Overcoming the “Lack of Experience” Factor
by Genny Carter

Starting all over again near the bottom of the professional career ladder, especially after many years in
another profession, presents a definite challenge. Despite all the discussion about the “graying of the
profession,” in reality the job market for librarians is fairly tight in most places. In the current economic
climate, it is likely to become even tighter as those in charge of funding seek ways to stretch their
budgets. A quick survey of library publications reveals situations such as the Mesa (Arizona) Public
School District laying off 87 teacher-librarians, or the Bridgeport (Connecticut) mayor proposing a 25%
cut in the library budget. For those with little or no previous library work experience, getting relevant,
worthwhile experience is crucial. Prospective librarians can succeed in this difficult climate with some
extra effort, creative planning, and networking.

Previous Non-Library Experience

Let me summarize my pre-library career to provide context for my efforts to compensate for my lack of
library experience. For fifteen years, I was a teacher.  I taught Spanish and history in public high schools
for nine years, followed by four years of high-energy, activity-laden elementary school Spanish and two
years as a teaching assistant in history at a university.  

Like many public school teachers, I burned out. I actually burned out twice. The first time, after five years
of high school teaching while I was still in my twenties, I took a job at a Club Med in Mexico for a while. I
followed that with a couple of years of nonprofit youth outreach work, two years of graduate school in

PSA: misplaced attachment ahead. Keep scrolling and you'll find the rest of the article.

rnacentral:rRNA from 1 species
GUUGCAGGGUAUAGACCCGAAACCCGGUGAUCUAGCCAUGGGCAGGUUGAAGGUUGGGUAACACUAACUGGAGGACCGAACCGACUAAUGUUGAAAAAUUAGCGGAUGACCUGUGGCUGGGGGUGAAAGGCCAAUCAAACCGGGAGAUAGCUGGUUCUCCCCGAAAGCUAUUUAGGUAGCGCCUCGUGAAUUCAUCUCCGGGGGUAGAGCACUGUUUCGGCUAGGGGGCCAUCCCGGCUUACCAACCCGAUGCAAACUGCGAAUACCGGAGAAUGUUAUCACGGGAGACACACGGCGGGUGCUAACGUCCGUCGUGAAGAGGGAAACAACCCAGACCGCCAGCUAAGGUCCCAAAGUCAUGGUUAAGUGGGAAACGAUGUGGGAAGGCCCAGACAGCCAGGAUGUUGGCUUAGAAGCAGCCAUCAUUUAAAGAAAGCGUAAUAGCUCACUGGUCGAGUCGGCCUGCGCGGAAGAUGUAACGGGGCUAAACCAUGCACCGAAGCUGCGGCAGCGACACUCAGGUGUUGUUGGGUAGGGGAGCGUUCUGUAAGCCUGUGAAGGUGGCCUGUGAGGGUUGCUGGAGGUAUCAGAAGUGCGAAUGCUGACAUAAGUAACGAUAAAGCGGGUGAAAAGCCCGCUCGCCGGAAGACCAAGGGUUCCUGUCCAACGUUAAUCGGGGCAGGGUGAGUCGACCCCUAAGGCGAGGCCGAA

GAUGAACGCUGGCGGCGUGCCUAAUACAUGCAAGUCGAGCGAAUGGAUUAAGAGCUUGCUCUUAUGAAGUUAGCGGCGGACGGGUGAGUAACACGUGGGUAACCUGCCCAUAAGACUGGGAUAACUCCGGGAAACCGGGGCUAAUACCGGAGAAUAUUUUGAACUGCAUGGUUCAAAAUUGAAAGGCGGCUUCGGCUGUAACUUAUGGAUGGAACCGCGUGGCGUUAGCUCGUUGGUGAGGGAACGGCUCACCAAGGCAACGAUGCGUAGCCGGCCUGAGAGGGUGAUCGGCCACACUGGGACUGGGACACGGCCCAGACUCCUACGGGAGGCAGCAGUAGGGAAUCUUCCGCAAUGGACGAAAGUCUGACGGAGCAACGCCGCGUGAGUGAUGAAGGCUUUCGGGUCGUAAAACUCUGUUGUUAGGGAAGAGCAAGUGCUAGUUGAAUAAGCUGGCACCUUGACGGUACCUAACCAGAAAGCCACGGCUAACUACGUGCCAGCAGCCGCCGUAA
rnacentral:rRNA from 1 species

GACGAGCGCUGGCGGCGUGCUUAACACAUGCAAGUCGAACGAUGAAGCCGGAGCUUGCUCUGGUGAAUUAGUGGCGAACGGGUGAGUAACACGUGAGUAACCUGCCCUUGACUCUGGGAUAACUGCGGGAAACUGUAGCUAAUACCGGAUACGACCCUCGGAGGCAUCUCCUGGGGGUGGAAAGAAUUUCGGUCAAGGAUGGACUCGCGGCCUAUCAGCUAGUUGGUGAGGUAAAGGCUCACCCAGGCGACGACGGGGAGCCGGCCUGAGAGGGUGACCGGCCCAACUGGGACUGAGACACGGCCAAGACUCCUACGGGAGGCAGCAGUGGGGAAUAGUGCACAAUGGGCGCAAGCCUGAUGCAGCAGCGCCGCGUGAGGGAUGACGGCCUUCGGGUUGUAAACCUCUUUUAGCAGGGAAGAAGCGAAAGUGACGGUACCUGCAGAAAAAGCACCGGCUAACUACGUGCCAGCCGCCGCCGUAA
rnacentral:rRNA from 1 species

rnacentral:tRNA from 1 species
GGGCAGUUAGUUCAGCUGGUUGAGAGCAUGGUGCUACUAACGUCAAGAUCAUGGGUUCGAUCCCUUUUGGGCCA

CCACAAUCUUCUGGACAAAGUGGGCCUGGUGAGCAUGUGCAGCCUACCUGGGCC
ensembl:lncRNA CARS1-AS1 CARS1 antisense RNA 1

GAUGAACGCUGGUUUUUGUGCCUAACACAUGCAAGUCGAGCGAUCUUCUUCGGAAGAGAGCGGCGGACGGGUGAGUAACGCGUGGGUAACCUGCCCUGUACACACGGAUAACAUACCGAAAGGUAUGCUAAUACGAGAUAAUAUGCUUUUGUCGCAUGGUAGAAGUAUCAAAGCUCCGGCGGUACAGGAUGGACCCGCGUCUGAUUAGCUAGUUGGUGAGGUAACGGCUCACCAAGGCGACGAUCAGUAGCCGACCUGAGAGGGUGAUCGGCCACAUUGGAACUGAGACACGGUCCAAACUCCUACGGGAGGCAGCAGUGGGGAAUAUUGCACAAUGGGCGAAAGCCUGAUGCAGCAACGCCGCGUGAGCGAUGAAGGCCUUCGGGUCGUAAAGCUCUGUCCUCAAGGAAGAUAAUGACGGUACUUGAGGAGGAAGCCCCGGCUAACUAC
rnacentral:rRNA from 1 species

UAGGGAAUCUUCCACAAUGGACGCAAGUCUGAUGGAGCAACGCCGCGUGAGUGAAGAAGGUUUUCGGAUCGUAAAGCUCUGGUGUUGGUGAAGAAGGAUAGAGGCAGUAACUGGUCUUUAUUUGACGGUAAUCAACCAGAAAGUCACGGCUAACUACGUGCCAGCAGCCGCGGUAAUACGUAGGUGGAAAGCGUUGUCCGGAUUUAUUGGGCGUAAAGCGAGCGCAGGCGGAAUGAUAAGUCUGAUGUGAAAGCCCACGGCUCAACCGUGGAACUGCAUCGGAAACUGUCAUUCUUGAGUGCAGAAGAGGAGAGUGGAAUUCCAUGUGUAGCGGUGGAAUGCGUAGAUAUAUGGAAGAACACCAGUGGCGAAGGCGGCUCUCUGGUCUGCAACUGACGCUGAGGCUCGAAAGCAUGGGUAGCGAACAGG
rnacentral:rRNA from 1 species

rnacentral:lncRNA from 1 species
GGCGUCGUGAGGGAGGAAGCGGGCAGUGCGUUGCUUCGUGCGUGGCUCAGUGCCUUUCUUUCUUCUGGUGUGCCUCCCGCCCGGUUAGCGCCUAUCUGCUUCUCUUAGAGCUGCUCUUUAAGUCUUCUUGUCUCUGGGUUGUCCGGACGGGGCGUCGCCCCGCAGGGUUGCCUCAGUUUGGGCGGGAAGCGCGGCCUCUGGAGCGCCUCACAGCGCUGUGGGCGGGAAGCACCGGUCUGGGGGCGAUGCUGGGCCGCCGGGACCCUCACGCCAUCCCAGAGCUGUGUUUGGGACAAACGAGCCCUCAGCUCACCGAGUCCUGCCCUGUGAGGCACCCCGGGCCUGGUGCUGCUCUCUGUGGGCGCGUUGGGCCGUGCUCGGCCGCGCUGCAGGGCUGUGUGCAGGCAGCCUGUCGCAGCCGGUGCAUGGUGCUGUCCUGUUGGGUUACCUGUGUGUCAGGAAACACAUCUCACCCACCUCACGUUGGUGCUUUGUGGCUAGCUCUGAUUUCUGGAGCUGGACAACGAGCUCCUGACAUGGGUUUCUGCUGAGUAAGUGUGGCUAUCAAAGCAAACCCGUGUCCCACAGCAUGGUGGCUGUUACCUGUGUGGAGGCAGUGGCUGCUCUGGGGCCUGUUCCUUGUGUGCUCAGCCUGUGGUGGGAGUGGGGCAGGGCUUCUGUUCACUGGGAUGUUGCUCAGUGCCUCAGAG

history, and four years of teaching elementary school Spanish. Family issues necessitated a move back
to my home state of Tennessee and a return to public high school teaching. I love to teach, and with no
false modesty, I will assert that I am a very good teacher. However, as the school got rougher, fights in
the hall more numerous, and the ineffective bureaucracy more frustrating, I decided to change careers –
while I still had the energy, the desire, and the courage to start over.

Creating Library Experience

My original plan upon beginning my Master’s in Information Sciences was to become an academic
reference librarian. Academia beckoned with an intellectual challenge that I had missed and the
promise of a safer, if still bureaucratic, working environment. While I realized that my teaching ability and
my ability to speak Spanish were – and still are – marketable skills, I also recognized that I had no library
work experience at all. In order to compete for a job upon graduation, I needed to spend the two years of
my degree program acquiring as much relevant experience and knowledge as I could, meeting and
learning from a wide variety of librarians.   

Most LIS programs provide guidance and facilitate opportunities for their students to work in libraries. By
nature and calling, most librarians want to help people find the information and resources that they
need. Seek them out – and ask!  The graduate program I attended at the University of Tennessee
encourages students to get out of the classroom and to get practical, meaningful experience. While I
was a student, I completed two fantastic practicum semesters at Vanderbilt University – one in reference